Film Depicts Nazi Germany

Jack Moeller, Sports Editor

Thanks to funding from the Gothe Institute, students in David Blumerg’s German classes viewed  the film Lauf Junge Lauf, or Run Boy Run, at the Castro Theater in San Francisco, on January 30.

The movie is about a Jewish child, named Srulik, who escapes from the Warsaw ghetto during World War II.

“It is interesting that in this film, the filmmaker was German, and there is some German, but the film was mostly Polish,” Blumberg said. “He wanted to make a film about this Polish boy, who escapes from the Warsaw ghetto. He wanted to make it in the original language. In Hollywood, they will often create these films that are set in a historical time, but they are not accurate because the people are speaking English. He wanted to be really true to the story.”

According to Blumberg, the entire trip was funded by the Gothe Institute, which sponsors global German language studies. “The Gothe Institute is an international organization, funded by the German government, and they have language and culture schools around the world. There is an office in San Francisco, and they have funded many of our field trips as long as I have been teaching German here,” he said.

Blumberg said that the Gothe Institute was especially helpful on this field trip. “Every aspect of this field trip was funded by the Gothe Institute. They paid for the screening of the film at the Castro movie theater. They paid for our lunch for 500 kids; over 100 were from Campo. They also gave us a $500 check to pay for our transportation. There was even a raffle, and students could get raffle tickets online, after the screening. One of the students won a professional soccer jersey at the raffle,” he said.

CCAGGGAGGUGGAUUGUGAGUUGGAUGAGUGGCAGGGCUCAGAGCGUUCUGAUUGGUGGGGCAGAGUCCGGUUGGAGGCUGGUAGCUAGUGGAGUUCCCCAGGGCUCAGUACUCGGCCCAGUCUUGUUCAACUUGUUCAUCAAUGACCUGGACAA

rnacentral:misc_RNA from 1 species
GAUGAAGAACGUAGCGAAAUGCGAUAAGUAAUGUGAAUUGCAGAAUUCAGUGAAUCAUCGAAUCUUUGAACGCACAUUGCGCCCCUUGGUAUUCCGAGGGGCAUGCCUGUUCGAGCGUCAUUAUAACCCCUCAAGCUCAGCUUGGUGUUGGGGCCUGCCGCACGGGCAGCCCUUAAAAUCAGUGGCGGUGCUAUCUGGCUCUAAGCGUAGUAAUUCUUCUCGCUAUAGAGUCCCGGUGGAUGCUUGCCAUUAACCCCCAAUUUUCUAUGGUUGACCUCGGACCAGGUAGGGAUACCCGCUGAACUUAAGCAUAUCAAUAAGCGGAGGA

Sophomore Chris Felming said, “I think that it is awesome how the whole trip was paid for. It is really great how they are getting students out to these events.”

According to Blumberg, field trips reinforce both the German language learning and understanding of world history. “It is really valuable to see a German film, not only for the language, but for German culture. For this film that we saw, it was a really important chapter in Germany’s history, a pretty ugly chapter. It dealt with the Nazi period, but it is really important that we do not forget what happened during this period,” he said.

“I enjoyed this movie a lot. I thought that it was a pretty good film. It really brought a wide ray of emotions,” Sophomore Evan Riedel said.

Blumberg said that it is important that students are exposed to a variety of German speakers. “It can become one-sided if the only person you ever hear speaking fluently is your teacher. Students get used to the way teachers speak. Which is great, as they will pretty much understand everything that I say. Sometimes it can throw them off when someone else speaks, and they have their own way of saying things,” he said.

According to Blumberg, students were also allowed to ask questions of the director after the screening. “He was a really open individual. He likes talking with kids, and I was able to talk with him personally. He was very friendly, and was interested in the questions that we had,” he said.

Fleming said the field trips like this one are what make his world language course enjoyable. “They are some of the most fun field trips that I have been on in my entire life. They are different than other field trips for school, such as going to see a movie, or going to a concert,” he said.